Penn State Intercom......January 18 , 2001

Reorganization of CAC
looks to the future

By Heather Herzog
Computer and Information Systems

The Center for Academic Computing (CAC), a unit that provides computer-related services such as access accounts, student labs and research tools for the University community, has recently been reorganized into two new centers that have been designed to better accommodate the University's expanding use of technology.

The change marks the beginning of the first phase in the overall restructuring of the Office of Computer and Information Systems (C&IS), a University-wide division that includes the CAC; the Office of Telecommunications; Library Computing Services; the Office of Administrative Systems; and Computer, Network and Information Security.

In the more than 15 years since the Center for Academic Computing was first formed, the University's information technology needs have expanded dramatically. To meet these needs, the CAC's services have increased from mostly addressing research computing needs to providing a broad range of technology services to students, faculty and staff throughout the University.

The center now processes more than 2 million e-mail messages per day and answers around 100,000 questions per year. Support for specialized instruction and research tools for a wide-range of scholarly interests also has increased significantly.

According to J. Gary Augustson, vice provost for information technology, while the CAC has been successful in bringing about changes to accommodate these needs, it has grown in size and scope to the point where the diverse demands placed upon it can be better met by dividing it into two centers, each with a more focused mission. To accomplish this, he announced a reorganization of the center effective Jan. 2.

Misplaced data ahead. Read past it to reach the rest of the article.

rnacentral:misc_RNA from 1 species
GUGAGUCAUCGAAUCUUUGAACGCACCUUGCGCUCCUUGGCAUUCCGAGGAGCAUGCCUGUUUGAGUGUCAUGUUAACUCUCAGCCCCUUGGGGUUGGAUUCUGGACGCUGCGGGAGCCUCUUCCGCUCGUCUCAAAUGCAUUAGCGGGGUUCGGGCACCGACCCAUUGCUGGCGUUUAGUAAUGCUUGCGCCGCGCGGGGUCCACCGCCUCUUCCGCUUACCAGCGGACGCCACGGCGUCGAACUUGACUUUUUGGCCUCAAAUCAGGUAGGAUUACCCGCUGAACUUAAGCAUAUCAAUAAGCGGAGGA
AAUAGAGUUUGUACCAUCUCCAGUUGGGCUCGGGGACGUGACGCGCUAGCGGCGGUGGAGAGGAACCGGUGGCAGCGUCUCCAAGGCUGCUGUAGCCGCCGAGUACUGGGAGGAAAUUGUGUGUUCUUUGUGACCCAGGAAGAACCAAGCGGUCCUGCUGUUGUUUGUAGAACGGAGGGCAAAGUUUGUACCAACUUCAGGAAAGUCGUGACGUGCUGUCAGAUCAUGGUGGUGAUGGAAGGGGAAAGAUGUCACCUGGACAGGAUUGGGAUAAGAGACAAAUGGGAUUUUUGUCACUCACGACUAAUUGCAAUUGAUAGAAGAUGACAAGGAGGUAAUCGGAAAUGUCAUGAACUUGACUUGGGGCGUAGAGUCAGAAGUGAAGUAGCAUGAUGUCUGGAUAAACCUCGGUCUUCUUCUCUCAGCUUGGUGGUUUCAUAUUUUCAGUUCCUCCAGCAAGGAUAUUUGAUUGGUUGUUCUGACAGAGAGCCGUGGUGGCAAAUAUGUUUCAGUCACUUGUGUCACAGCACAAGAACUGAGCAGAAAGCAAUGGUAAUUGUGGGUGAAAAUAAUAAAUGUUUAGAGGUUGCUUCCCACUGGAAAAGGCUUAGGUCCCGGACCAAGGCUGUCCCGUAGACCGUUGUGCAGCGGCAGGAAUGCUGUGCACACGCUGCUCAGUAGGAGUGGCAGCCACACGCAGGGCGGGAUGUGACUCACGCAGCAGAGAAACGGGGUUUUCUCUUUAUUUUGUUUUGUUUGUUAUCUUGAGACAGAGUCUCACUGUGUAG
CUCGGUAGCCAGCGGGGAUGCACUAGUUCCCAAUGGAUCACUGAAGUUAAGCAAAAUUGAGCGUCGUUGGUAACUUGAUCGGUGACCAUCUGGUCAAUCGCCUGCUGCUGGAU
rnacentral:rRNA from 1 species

Under the reorganization, Russell S. Vaught, formerly senior director of the CAC, has assumed the new position of associate vice provost for information technology. In this position, he will assist Augustson in the day-to-day operations of the Office of Computer and Information Systems and will continue to oversee the two units that formerly comprised the Center for Academic Computing.

These two new centers remain in the Computer Building. John T. Harwood has been appointed senior director of the first new unit. Named the Center for Education Technology Services (CETS), this organization will focus on the support of educational systems and will encompass Education Technology Services (ETS) -- a group formerly directed by Harwood -- which supports teaching and learning with technology in both residential education and at the World Campus. CETS will also include the Distributed Systems group, which designs and manages the computer labs and technology classrooms at University Park; the Training Group, which coordinates Web-based training and technology seminars; and Educational Outreach Services, which serves as a liaison with faculty, student and campus groups.

Kevin M. Morooney has been appointed senior director of the second unit. This unit will retain the original name, Center for Academic Computing, and will be more narrowly focused on end-user service of a general nature. The revised CAC's divisions include Central Systems (e-mail, Web, directory and backup services); Research Computing (high-performance computing and high performance visualization); User Services and Consulting (help desk and consulting services); Account Services (management of accounts for CAC services); and the Microcomputer Order Center (MOC).

According to Rodney Erickson, executive vice president and provost, the creation of the two new centers will help the Office of Computer and Information Systems improve service to customers as well as enabling the organization to more easily accommodate the University's evolving use of technology.

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